It’s said that you can always learn something from failure. If that’s the case, those of us with ADHD have no lack of learning opportunities in our daily lives.

But is it always a good idea to learn from your mistakes? In theory, every failure is a chance to learn some sort of lesson. The problem is, there’s no guarantee that the lesson you take away is the right one.

Failing

And then some of us can fail without even trying.

Let’s say you have ADHD and you get fired from your job. Your inattention, careless mistakes, and disorganization pile up, culminating in you having to find a new place of employment.

Under most people’s definition, that probably qualifies as a failure – at any rate, getting asked to pack up your things and not come back to work isn’t a success. So, is this an opportunity to “learn something?”

The most obvious lesson to draw might be that when you find a new job, you really need to be more attentive, make fewer careless mistakes, and improve your organizational skills.

You might already see the problem with this “lesson”: These attributes are caused by your ADHD symptoms, they aren’t in your control. No matter how many times you learn the lesson that your ADHD symptoms are causing you problems, you aren’t going to be able to make your ADHD symptoms go away. The harder you try not to have ADHD, the more frustrated you’ll get.

This is “I’ll do things differently next time” syndrome, and it was a running theme in my life before I got diagnosed with ADHD. I’ll do better next time, I would always think. I’ll try harder, I’ll be more focused, I won’t procrastinate, I’ll have more self-control…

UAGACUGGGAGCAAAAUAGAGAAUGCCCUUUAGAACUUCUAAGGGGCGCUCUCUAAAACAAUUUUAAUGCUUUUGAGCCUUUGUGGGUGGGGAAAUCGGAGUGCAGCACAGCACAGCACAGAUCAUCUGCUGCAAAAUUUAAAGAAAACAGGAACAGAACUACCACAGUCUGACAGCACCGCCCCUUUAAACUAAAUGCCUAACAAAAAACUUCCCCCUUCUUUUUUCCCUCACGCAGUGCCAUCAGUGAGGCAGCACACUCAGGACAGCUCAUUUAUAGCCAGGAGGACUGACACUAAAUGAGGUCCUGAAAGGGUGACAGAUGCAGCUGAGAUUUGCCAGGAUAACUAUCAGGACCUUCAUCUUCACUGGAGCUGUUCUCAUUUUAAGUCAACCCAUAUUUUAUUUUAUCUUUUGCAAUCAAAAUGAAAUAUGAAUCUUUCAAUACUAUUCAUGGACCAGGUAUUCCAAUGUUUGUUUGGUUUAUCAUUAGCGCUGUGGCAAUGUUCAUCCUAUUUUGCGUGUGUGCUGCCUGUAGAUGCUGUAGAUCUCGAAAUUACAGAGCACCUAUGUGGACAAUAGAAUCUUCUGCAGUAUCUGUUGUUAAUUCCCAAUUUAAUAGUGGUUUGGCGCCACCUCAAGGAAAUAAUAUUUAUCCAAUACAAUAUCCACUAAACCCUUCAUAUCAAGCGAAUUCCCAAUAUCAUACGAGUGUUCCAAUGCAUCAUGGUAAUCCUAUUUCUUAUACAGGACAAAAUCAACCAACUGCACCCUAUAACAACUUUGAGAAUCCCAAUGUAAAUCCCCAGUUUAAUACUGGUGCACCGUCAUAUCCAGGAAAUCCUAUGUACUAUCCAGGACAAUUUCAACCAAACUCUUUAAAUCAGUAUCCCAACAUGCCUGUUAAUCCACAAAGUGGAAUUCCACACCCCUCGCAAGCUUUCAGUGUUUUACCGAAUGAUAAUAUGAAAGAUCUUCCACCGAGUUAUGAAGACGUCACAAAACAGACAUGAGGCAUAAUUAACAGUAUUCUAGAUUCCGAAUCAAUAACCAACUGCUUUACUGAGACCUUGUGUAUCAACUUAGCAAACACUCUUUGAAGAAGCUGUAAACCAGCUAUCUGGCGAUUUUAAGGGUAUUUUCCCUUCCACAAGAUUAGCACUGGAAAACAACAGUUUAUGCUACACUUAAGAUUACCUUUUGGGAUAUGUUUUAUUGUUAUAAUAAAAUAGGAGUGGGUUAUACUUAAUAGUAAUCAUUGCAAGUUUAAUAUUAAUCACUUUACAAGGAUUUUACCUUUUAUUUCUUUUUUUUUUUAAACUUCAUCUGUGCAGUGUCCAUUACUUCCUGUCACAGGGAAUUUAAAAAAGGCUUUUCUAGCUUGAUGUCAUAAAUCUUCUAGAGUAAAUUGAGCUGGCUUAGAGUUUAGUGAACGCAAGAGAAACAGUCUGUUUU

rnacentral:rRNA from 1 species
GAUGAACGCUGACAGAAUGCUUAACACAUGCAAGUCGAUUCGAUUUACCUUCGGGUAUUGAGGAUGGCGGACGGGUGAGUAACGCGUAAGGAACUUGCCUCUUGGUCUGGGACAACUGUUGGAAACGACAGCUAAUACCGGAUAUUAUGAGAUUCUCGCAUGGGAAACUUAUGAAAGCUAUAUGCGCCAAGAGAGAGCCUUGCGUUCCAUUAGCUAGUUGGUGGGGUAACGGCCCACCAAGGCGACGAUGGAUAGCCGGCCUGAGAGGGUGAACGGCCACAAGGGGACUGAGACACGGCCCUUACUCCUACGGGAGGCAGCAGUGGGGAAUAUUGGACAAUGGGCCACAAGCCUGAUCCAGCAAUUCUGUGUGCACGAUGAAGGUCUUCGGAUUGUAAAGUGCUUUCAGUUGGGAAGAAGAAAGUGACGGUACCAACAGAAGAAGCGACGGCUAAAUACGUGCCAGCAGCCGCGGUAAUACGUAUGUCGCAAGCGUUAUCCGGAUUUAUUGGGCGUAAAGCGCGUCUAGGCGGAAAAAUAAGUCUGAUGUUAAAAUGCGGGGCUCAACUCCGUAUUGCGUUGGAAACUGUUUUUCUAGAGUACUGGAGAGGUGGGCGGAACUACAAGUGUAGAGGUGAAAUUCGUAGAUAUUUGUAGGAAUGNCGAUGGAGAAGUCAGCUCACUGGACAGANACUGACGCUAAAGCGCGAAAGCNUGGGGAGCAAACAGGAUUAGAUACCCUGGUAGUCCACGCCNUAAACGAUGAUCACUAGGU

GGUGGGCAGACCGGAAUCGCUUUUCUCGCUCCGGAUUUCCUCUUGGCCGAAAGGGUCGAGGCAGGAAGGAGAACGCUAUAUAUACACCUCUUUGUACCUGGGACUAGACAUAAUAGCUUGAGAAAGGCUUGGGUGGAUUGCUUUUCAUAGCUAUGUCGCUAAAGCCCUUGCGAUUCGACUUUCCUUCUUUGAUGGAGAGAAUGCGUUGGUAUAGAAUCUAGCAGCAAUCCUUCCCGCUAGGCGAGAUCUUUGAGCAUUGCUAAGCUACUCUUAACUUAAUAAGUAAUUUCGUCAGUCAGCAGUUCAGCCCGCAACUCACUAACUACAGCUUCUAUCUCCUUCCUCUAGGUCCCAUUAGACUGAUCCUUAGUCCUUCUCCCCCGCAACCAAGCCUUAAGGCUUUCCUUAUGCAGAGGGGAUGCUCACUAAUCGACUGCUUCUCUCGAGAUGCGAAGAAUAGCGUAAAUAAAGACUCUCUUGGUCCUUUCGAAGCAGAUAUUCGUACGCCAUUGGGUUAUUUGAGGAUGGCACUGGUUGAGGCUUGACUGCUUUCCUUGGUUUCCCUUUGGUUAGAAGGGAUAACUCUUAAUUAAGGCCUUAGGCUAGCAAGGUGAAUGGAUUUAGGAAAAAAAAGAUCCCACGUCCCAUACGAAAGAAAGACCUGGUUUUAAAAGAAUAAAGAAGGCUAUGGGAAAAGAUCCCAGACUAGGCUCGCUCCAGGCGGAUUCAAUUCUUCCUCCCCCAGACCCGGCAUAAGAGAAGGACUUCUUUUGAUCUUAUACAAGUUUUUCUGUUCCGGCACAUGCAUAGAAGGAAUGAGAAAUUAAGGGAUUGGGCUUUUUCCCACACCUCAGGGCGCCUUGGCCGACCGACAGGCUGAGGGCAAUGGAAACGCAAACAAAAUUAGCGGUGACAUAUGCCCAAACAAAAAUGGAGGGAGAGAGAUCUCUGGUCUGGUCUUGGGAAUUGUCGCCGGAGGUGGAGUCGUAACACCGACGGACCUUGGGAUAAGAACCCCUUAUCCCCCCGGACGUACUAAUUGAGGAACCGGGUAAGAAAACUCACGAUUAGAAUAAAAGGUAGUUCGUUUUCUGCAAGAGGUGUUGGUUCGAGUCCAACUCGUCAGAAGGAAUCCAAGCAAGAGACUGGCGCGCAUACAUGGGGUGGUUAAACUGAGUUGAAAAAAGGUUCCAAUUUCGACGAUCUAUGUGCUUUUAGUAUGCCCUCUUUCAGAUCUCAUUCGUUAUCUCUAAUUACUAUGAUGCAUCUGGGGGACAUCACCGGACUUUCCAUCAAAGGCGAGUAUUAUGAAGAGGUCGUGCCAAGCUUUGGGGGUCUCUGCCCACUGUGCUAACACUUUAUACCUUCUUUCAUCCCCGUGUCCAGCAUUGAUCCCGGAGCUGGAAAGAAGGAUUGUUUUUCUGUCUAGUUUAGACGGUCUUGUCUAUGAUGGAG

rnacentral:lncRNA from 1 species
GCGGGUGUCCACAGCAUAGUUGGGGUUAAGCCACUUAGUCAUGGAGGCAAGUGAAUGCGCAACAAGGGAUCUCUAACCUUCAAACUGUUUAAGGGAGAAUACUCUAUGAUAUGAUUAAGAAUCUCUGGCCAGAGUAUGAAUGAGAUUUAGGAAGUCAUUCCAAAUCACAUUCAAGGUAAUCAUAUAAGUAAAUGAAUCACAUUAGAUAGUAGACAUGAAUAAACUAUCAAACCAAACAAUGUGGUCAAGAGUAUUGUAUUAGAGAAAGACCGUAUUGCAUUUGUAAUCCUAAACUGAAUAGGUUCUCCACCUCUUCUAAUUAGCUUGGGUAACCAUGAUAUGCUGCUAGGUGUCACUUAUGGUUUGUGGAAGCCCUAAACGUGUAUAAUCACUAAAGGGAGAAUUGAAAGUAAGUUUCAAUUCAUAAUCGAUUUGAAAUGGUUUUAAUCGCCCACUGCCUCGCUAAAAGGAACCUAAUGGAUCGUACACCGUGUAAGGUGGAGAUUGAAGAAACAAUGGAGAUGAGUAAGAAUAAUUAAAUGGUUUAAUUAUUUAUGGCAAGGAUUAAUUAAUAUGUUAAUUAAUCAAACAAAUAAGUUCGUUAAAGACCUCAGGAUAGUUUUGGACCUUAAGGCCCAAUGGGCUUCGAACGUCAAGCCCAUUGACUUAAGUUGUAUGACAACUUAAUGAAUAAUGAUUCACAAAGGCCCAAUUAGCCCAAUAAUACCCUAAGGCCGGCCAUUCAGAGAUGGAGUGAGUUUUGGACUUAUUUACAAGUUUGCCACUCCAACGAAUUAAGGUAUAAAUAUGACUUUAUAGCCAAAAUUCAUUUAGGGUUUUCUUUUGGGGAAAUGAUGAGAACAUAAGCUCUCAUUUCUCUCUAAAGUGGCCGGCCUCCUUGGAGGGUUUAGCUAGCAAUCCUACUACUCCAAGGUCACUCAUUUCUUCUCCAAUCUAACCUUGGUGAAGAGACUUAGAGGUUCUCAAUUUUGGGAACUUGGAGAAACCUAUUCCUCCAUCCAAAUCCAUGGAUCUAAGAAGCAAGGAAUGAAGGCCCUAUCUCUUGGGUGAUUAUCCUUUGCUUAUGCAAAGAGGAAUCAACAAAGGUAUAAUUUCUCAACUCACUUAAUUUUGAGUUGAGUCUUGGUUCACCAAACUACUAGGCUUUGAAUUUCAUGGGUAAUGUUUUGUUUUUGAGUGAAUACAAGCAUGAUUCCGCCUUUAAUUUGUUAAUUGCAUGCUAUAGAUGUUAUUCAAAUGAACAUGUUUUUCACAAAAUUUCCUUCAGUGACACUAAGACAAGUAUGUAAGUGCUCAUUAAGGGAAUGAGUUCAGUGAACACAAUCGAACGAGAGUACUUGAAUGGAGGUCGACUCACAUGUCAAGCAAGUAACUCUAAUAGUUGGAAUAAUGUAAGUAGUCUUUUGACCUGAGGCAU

It’s an example of how drawing the wrong lesson from failure can be worse than drawing no lesson at all.

There are other misguided lessons that we ADHDers often “learn” from our mistakes. Unfortunately, one of the most common lessons we take away is that if our lives are marked by frequent failure, it must be because we’re the failure.

When you live with undiagnosed ADHD, it’s easy over time to react to your experiences by internalizing the lesson that you’re defective, incompetent, or maybe just plain lazy. Often, part of being diagnosed and making progress toward managing ADHD more effectively is about unlearning some of the self-defeating lessons we’ve taken from our failures.

With all that said, I’m a big believer that failures are opportunities to learn, if we draw the right lesson.

Let’s go back to the getting fired from your job scenario, for example. In this case, a useful lesson might be: “wow, that job really wasn’t a good fit for me because of such-and-such characteristics. I should look for a job that has such-and-such different characteristics that will be a better match for the way my brain works.”

More generally, if the “lesson” you’re learning from a failure is that you need to make your symptoms go away so you can better fit into your environment, you’re probably going in a direction that will make things worse in the end. If you flip the dynamic around, though, and find a lesson about how you can change your environment to make your symptoms less of a burden, you might be on to something.

Ultimately, I don’t doubt that it is possible to learn something from all of your mistakes. But the fine print is that just because it’s possible, doesn’t mean it’s easy. It requires keeping a watchful eye out to make sure that when you “learn your lesson” you don’t inadvertently learn an incorrect lesson that will make your life harder in the long-run.